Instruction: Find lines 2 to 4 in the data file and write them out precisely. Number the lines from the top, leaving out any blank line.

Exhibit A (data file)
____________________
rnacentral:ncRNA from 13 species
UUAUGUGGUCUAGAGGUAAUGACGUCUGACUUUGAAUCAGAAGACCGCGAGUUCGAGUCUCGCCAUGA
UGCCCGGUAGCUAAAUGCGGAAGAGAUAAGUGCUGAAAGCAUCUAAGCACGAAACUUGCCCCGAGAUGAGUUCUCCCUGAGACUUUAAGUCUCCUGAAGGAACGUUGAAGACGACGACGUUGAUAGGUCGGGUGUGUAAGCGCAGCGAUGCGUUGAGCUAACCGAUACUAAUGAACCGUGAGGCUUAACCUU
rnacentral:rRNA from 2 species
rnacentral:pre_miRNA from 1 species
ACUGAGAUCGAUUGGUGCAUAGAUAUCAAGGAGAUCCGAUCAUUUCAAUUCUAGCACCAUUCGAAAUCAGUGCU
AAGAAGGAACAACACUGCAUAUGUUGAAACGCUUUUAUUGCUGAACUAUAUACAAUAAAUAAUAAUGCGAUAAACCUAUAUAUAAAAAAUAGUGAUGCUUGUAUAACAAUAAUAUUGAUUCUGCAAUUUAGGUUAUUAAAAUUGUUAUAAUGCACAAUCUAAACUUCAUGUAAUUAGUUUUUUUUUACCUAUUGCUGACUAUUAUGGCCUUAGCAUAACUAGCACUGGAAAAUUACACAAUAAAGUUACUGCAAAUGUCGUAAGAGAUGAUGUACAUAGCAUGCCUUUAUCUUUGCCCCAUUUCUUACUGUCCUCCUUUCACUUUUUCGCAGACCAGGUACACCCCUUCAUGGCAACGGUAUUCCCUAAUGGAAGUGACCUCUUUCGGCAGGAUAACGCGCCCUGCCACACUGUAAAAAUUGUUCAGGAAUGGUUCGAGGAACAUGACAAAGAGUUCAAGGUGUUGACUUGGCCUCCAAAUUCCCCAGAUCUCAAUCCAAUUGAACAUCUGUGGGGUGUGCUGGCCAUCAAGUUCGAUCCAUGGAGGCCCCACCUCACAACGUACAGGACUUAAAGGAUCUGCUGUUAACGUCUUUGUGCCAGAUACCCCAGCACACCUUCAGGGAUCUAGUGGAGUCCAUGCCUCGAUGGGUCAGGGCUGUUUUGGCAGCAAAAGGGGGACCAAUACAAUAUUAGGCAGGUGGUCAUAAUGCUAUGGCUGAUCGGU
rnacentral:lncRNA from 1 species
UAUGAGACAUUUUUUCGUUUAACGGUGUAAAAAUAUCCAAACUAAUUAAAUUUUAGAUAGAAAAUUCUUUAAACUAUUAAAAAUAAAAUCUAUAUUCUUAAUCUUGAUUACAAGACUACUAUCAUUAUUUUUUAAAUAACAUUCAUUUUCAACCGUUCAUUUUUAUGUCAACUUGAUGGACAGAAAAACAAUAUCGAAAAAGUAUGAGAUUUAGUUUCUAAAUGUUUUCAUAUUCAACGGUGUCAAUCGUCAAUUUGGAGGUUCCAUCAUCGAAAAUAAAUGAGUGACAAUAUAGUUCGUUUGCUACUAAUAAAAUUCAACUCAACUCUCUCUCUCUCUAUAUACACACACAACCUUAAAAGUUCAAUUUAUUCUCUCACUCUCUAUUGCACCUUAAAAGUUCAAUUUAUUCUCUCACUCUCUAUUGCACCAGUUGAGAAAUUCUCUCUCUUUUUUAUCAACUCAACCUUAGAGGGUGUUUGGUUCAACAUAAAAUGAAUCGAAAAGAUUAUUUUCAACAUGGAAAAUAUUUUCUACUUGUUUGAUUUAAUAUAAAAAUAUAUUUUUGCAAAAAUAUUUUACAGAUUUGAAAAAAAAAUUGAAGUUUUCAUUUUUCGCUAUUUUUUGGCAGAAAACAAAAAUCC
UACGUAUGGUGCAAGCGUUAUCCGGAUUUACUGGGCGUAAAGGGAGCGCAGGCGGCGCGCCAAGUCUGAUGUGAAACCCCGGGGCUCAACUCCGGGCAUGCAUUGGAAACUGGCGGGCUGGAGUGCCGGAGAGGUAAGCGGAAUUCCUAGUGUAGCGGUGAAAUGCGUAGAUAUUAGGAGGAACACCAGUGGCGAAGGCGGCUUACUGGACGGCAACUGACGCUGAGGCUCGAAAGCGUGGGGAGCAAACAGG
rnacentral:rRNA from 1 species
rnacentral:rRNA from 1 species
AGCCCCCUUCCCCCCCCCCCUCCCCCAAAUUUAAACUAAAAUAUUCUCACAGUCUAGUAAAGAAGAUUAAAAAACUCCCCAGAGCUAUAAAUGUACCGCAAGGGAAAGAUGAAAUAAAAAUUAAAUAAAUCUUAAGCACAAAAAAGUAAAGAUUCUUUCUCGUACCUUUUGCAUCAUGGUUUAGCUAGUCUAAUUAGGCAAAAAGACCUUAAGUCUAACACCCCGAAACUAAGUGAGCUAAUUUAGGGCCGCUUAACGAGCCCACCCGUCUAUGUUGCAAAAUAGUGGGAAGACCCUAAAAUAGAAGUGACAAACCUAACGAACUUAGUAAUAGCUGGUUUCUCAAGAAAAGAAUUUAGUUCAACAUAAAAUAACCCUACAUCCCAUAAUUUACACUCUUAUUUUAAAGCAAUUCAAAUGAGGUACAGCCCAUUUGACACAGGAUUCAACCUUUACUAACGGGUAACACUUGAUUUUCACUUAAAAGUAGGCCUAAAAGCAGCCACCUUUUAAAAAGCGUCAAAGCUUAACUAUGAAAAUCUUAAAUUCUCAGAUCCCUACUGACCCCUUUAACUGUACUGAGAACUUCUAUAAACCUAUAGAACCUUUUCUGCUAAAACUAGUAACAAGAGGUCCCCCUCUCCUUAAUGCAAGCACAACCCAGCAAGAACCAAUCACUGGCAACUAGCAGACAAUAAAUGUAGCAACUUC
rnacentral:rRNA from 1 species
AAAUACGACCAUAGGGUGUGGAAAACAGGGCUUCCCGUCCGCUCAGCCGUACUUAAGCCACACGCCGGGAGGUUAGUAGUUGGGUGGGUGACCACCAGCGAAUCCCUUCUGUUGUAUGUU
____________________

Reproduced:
UUAUGUGGUCUAGAGGUAAUGACGUCUGACUUUGAAUCAGAAGACCGCGAGUUCGAGUCUCGCCAUGA
UGCCCGGUAGCUAAAUGCGGAAGAGAUAAGUGCUGAAAGCAUCUAAGCACGAAACUUGCCCCGAGAUGAGUUCUCCCUGAGACUUUAAGUCUCCUGAAGGAACGUUGAAGACGACGACGUUGAUAGGUCGGGUGUGUAAGCGCAGCGAUGCGUUGAGCUAACCGAUACUAAUGAACCGUGAGGCUUAACCUU
rnacentral:rRNA from 2 species